GAMING – Thinking about poker: boorish behavior
In my previous article I recommended a stay at the Grand Hotel and Casino in Shawnee, Okla. Due east of Oklahoma City along I-40 and a pleasant stop outside of the hustle and bustle of the state capitol city. There are numerous hotel/casinos surrounding the city, on the east side this is the place to stay. Clean rooms, other relaxing amenities for the spouse and a quiet, well-run poker room spreading limit and no-limit hold-em with the occasional Omaha game, given enough interest. The night I stayed I entered a pot-limit Omaha high tournament [7 p.m., $120 buy-in with rebuys until the first break, three full tables with a few rebuys as others busted out] and then played some hold-em until long after bed-time.
As mentioned previously, it was there I witnessed behavior of two poker players which, in my opinion, was nothing short of boorish [“Somebody who behaves in a crass, insensitive or ill-mannered way”]. The first, detailed last issue was that of a player hounding a ‘friend’ for a loan to get him back in the game. The answer to that is “Never a borrower nor a lender be”, the details thereof can be reread in the last issue of The Gambler. In essence, do not be a player who begs for money; do not also be a lender; both will end up in disappointments and resentments.
The second example of atrocious behavior was in a simple $3 – $6 limit hold-em game. I fortunately was sitting at an adjacent table so was not an immediate witness, but the villain at the other table was loud and insistent in vocalizing and thus could be heard throughout the room. A rookie player was at the table and had made rookie mistakes; calling on inside straight draws and less-than-nut flush draws, betting out with middle or bottom pair, taking time to look and re-look at his cards when the flop/turn/river was presented trying to figure out his hand. You know, things we all did years ago as we were learning the game.
One player at the table chose to be the table captain, police chief, warden, psychiatrist and all-around poker ‘expert’ who began berating this poor soul – a middle-aged man who probably had a kitchen pass for the night and was trying his hand at the game – about his style and choice of play. As we all have seen, this squirrel was finding a nut now and then; often enough to set the boor off on how bad his play was: “Don’t you know the odds against that hand?”, “That was the worst call you could have made!”, “Did you really think that [whatever the rookie was holding] was going to come in?” This idiot kept after the rookie enough times so when he finally lost his $100, he arose saying “I don’t think I’ll play anymore.” and he departed the room. I firmly believe this man had more money in his pocket and would have played more had not the loud-mouth driven him off. For the rookie it wasn’t fun anymore; as matter of fact he was being insulted by this twit and like any sensible person escaped the abuse. He would take his discretionary income elsewhere where he felt welcome and more at-ease.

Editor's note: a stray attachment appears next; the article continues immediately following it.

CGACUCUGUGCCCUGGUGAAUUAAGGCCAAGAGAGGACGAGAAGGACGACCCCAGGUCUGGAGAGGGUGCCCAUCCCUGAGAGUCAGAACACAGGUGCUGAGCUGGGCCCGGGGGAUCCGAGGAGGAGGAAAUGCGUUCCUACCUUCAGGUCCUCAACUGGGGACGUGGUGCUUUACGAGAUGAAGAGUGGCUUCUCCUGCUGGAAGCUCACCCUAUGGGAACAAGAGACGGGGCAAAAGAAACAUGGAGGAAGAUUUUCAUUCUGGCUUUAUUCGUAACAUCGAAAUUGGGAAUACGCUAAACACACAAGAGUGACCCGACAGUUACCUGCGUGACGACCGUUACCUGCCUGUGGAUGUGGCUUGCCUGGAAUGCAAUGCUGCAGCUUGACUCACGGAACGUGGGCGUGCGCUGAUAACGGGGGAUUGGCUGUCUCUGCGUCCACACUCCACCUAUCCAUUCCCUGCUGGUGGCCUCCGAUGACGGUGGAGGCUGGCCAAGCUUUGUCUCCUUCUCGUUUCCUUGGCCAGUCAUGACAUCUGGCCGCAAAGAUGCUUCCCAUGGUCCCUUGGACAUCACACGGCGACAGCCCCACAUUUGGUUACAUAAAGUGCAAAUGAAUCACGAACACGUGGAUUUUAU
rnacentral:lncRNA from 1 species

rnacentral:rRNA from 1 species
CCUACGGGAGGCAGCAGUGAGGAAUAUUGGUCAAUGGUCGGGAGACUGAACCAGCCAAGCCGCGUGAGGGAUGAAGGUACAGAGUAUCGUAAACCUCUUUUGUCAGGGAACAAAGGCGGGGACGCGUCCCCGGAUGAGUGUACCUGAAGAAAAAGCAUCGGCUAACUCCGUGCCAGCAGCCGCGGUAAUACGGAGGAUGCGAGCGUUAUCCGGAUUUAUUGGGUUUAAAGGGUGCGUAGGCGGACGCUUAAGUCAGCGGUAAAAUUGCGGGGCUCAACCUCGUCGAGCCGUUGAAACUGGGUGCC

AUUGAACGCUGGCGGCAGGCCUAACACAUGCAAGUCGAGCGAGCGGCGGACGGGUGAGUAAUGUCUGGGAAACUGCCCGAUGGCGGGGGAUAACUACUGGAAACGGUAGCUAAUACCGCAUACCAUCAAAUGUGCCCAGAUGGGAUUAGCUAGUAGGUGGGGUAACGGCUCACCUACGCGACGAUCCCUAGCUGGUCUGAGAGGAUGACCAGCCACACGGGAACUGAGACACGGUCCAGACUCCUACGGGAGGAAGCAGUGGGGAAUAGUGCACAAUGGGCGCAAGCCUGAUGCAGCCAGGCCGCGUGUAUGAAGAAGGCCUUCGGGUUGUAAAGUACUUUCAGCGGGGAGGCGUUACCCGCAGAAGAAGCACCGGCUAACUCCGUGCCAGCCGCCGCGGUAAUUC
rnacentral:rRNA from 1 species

How many times have we all had someone draw out on us when the deck was stacked in our favor? How many times have we drawn out overcoming the long odds to pull in a pot? In the former we shake our heads and wonder how they could play like that; in the latter we pride ourselves on great wisdom and playing great. Both are bogus thought patterns. But the crime is to vocalize hate, disdain and insults on the player who caught that three-outer to beat us. The boor will heap scorn, derision and disparagement on the head of the player who beat him; this goes against, and manifestly so, one of the ‘prime directives’ of poker which is “The game should be fun for all concerned.” You want that player in the game – poker lessons are always tomorrow – he can learn while on-the-job. But it has to be fun while he’s learning! If it isn’t, he won’t come back and that’s money the table will never ever see again.
If you find yourself wanting to say something contemptuous about another’s’ style of play, bite your tongue! Tap the table and tell him “Great catch, buddy.” Then think to yourself ‘by good catch I mean how could you play crud like that?’ and by ‘buddy’ I mean ‘you jerk.’ Then focus your attention on the next hand because if you don’t, your competitors will. And if you’re really bent out of shape, excuse yourself for a time, go walk around and cool off. The villain’s money will still be there, ready and waiting to be pulled in by better players. The money will be gladly donated to others’ stacks if he’s having fun! So … make losing to you an enjoyable experience – and they’ll be back sooner rather than later instead of not at all – you’ll have another chance at their stack another day. This is thinking about more than just poker.